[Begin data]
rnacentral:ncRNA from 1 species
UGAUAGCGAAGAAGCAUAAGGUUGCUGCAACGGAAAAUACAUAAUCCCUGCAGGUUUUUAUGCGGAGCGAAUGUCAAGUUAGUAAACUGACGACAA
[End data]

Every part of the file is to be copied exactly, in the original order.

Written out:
rnacentral:ncRNA from 1 species
UGAUAGCGAAGAAGCAUAAGGUUGCUGCAACGGAAAAUACAUAAUCCCUGCAGGUUUUUAUGCGGAGCGAAUGUCAAGUUAGUAAACUGACGACAA